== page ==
Feb. 20, 2017 12:45 PM

Standardized system for large and small square hay balers will help customers choose right baler for the job

This item has been supplied by a forage marketer and has not been edited, verified or endorsed by Hay & Forage Grower.

AGCO Corporation (NYSE:AGCO) and Hesston by Massey Ferguson®, the industry-leading hay equipment brand from AGCO, introduced a standardized classification system for small and large square balers during the 2017 World Ag Expo in Tulare, Calif. The square baler classification system places balers in Class 1 through Class 8. This new system clearly defines the capabilities of balers in each class and their most appropriate uses so producers will be better able to choose the right baler for their needs.

“Hesston alone offers four models of large square balers ranging from 3’ x 3’ to 4’ x 4’ and six small square balers to produce four sizes from 14” x 18” to 16” x 22”,” explains Shaun Allred, marketing manager for hay and forage at AGCO. “Dairy, beef and equine customers, as well as commercial hay and biomass harvesting operations that harvest, store and ship large quantities of material all have different needs in a baler.

“These classes clearly define the capabilities of the various models from Hesston by Massey Ferguson and Challenger®. The baler classification system will give customers a better understanding of the entire lineup of balers so they can make better purchase decisions,” Allred continues. “This system is similar to the classification system for combines that uses horsepower ranges to rank the size and productivity of combine harvesters.”

Bale density is focus when choosing a baler

The square baler classification system uses rated plunger load to define each of the eight baler classes. Plunger load was chosen because it is the most measurable factor impacting the density of the finished bale.

“Bale density is a key consideration when customers purchase a square baler, because it affects the amount of material in the finished bale; bale weight; stacking, storage and transportation, as well as the productivity and efficiency of the baling process,” Allred points out. “Producers will be able to use this system to choose the baler that fits the crops they harvest, their end-use needs and the baler that optimizes their hay harvesting productivity and efficiency for the best return on investment.”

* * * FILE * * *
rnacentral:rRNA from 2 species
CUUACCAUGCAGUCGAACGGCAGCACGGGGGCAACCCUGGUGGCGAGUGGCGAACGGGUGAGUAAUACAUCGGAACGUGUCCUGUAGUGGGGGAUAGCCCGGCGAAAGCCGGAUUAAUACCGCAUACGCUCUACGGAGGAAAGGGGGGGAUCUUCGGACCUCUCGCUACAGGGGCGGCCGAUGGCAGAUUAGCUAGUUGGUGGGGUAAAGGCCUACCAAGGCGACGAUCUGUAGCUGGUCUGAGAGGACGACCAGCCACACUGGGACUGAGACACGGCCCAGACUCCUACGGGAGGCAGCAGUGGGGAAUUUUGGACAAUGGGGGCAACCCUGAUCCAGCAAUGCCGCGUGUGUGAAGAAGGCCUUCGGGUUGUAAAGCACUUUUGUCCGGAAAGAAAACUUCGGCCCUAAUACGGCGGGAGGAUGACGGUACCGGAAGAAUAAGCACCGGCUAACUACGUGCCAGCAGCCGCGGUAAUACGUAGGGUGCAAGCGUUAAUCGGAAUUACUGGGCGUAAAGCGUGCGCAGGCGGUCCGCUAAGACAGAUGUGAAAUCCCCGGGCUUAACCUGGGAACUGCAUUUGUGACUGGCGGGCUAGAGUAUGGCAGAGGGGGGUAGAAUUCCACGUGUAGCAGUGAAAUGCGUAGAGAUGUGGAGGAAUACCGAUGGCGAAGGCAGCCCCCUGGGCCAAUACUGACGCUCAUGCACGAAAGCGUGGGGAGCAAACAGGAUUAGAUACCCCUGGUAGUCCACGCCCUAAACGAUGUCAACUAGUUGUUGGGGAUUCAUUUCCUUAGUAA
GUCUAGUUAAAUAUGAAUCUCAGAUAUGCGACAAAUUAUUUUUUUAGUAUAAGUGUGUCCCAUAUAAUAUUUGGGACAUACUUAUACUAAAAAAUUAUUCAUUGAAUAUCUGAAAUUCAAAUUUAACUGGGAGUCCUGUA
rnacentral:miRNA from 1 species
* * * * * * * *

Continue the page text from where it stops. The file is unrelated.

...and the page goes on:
Rated plunger load is determined by measuring the kilonewtons (kN) of force on the face of the plunger. One kilonewton equals 224.8 pounds of force. Load sensors on the plunger arms measure compression of the plunger arms to provide the plunger load rating. Current AGCO customers are familiar with this number because it is displayed on the in-cab monitor as the Load Setting.

Using experience gained from more than 70 years as an industry-leading manufacturer of equipment for producing and harvesting quality forage, the hay experts at Hesston developed clear descriptions of the most appropriate uses for balers within each class.


Ideal For


Challenger Models

Plunger Force (kN)

Bale Size

Bale Weight* (lbs)


Equine Operations
25-1000 acres/year; owner/operator use or commercial production; Small bale size (50-85 lbs.): easy to handle, transport and feed; Handle individually or with accumulator



15 to 44 kN


50-85 lbs.


Equine & Dairy Operations
100-500+ acres/year; owner/operator or commercial production: equine, small beef or dairy; Small bale size (70-110 lbs.): easy to handle, transport and feed; Handle individually or with accumulator


45 to 74 kN


70-110 lbs.


Equine, Dairy & Export Operations
250-1000+ acres/year; owner/operator or commercial: equine, beef, dairy & export; Largest, small square bales: (90-140 lbs.) May be hand fed or double pressed for export; Handle with accumulator and forks


75 to 199 kN


90-140 lbs.


Dairy Operations
250-1,000+ acres/year; owner/operator dairy & beef operations with limited custom baling



200 to 324 kN


700-900 lbs.


Dairy & Commercial Operations
250-3,000+ acres/year; Large dairies, commercial hay producers, custom balers & fleet use



325 to 449 kN


1,000-2,000 lbs.


Commercial & Biomass Operations
500-3,000+ acres/year; Commercial hay production and crop residue baling



450 to 574 kN


1,400-2,000 lbs.


Commercial & Biomass Operations
1,000-5,000+ acres/year; Large-scale custom hay and crop residue baling

575 to 749 kN


1,400-2,000 lbs.


Biomass Operations
1,000-5,000+ acres/year; Large-scale crop residue and biomass baling

750 + kN


1,400-2,000 lbs.

* Weight will vary depending on crop type, crop moisture and environmental conditions.

“Balers in Class 5 and Class 6 offer our customers the greatest harvesting productivity and efficiency – more material baled per hour,” says Allred. The system also includes plunger load for Class 7 and Class 8.

“We know the hay and forage baling needs of our customers will continue to evolve, just as they have throughout history,” explains Allred. “With a full range of classes in place, customers will be knowledgeable and better prepared as advancements in baler manufacturing technology allow new products to come to market.”

For full details about the square baler classification system and more information about Hesston or Challenger hay equipment, visit your local Hesston by Massey Ferguson or Challenger hay equipment dealer or visit www.hesston.com/therightbaler.